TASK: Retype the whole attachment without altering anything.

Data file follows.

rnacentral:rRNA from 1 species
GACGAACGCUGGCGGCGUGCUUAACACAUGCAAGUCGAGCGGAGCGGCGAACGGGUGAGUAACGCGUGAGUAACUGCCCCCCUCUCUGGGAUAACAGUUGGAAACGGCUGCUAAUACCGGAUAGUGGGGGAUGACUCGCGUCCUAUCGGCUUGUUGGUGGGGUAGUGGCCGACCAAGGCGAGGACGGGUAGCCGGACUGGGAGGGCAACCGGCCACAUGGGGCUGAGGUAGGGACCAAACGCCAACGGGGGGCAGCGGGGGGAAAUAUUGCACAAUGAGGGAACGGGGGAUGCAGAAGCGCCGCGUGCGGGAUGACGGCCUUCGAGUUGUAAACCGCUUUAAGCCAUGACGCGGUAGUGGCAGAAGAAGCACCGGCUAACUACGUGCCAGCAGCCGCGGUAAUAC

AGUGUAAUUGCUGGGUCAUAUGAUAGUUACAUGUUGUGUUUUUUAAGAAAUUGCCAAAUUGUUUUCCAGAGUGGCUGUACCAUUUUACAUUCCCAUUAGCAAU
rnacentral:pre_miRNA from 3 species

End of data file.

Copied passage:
rnacentral:rRNA from 1 species
GACGAACGCUGGCGGCGUGCUUAACACAUGCAAGUCGAGCGGAGCGGCGAACGGGUGAGUAACGCGUGAGUAACUGCCCCCCUCUCUGGGAUAACAGUUGGAAACGGCUGCUAAUACCGGAUAGUGGGGGAUGACUCGCGUCCUAUCGGCUUGUUGGUGGGGUAGUGGCCGACCAAGGCGAGGACGGGUAGCCGGACUGGGAGGGCAACCGGCCACAUGGGGCUGAGGUAGGGACCAAACGCCAACGGGGGGCAGCGGGGGGAAAUAUUGCACAAUGAGGGAACGGGGGAUGCAGAAGCGCCGCGUGCGGGAUGACGGCCUUCGAGUUGUAAACCGCUUUAAGCCAUGACGCGGUAGUGGCAGAAGAAGCACCGGCUAACUACGUGCCAGCAGCCGCGGUAAUAC

AGUGUAAUUGCUGGGUCAUAUGAUAGUUACAUGUUGUGUUUUUUAAGAAAUUGCCAAAUUGUUUUCCAGAGUGGCUGUACCAUUUUACAUUCCCAUUAGCAAU
rnacentral:pre_miRNA from 3 species